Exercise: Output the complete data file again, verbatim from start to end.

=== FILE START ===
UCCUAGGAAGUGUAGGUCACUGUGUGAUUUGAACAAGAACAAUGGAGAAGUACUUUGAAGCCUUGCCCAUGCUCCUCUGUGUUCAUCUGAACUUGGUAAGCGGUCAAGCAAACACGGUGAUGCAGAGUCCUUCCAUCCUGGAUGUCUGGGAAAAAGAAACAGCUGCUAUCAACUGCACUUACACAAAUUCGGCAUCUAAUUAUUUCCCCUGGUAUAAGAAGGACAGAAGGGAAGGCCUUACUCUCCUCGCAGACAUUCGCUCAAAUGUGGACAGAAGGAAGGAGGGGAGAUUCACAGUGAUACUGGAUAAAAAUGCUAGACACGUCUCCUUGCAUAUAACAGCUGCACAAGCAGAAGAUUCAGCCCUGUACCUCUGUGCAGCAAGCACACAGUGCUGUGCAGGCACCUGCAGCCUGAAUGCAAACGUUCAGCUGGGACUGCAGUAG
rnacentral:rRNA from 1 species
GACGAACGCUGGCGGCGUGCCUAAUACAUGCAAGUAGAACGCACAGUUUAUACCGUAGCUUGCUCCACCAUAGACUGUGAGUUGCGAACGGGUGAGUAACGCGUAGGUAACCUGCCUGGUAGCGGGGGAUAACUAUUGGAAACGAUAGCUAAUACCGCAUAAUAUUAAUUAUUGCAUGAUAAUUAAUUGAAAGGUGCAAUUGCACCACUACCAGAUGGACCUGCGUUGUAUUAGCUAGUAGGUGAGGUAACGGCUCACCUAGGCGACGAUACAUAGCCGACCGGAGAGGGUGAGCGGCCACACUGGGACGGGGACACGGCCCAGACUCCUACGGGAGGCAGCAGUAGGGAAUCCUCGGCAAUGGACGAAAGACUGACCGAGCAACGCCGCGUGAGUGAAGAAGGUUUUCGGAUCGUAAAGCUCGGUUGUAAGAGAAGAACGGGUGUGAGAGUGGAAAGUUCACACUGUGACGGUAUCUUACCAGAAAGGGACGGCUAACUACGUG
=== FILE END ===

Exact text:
UCCUAGGAAGUGUAGGUCACUGUGUGAUUUGAACAAGAACAAUGGAGAAGUACUUUGAAGCCUUGCCCAUGCUCCUCUGUGUUCAUCUGAACUUGGUAAGCGGUCAAGCAAACACGGUGAUGCAGAGUCCUUCCAUCCUGGAUGUCUGGGAAAAAGAAACAGCUGCUAUCAACUGCACUUACACAAAUUCGGCAUCUAAUUAUUUCCCCUGGUAUAAGAAGGACAGAAGGGAAGGCCUUACUCUCCUCGCAGACAUUCGCUCAAAUGUGGACAGAAGGAAGGAGGGGAGAUUCACAGUGAUACUGGAUAAAAAUGCUAGACACGUCUCCUUGCAUAUAACAGCUGCACAAGCAGAAGAUUCAGCCCUGUACCUCUGUGCAGCAAGCACACAGUGCUGUGCAGGCACCUGCAGCCUGAAUGCAAACGUUCAGCUGGGACUGCAGUAG
rnacentral:rRNA from 1 species
GACGAACGCUGGCGGCGUGCCUAAUACAUGCAAGUAGAACGCACAGUUUAUACCGUAGCUUGCUCCACCAUAGACUGUGAGUUGCGAACGGGUGAGUAACGCGUAGGUAACCUGCCUGGUAGCGGGGGAUAACUAUUGGAAACGAUAGCUAAUACCGCAUAAUAUUAAUUAUUGCAUGAUAAUUAAUUGAAAGGUGCAAUUGCACCACUACCAGAUGGACCUGCGUUGUAUUAGCUAGUAGGUGAGGUAACGGCUCACCUAGGCGACGAUACAUAGCCGACCGGAGAGGGUGAGCGGCCACACUGGGACGGGGACACGGCCCAGACUCCUACGGGAGGCAGCAGUAGGGAAUCCUCGGCAAUGGACGAAAGACUGACCGAGCAACGCCGCGUGAGUGAAGAAGGUUUUCGGAUCGUAAAGCUCGGUUGUAAGAGAAGAACGGGUGUGAGAGUGGAAAGUUCACACUGUGACGGUAUCUUACCAGAAAGGGACGGCUAACUACGUG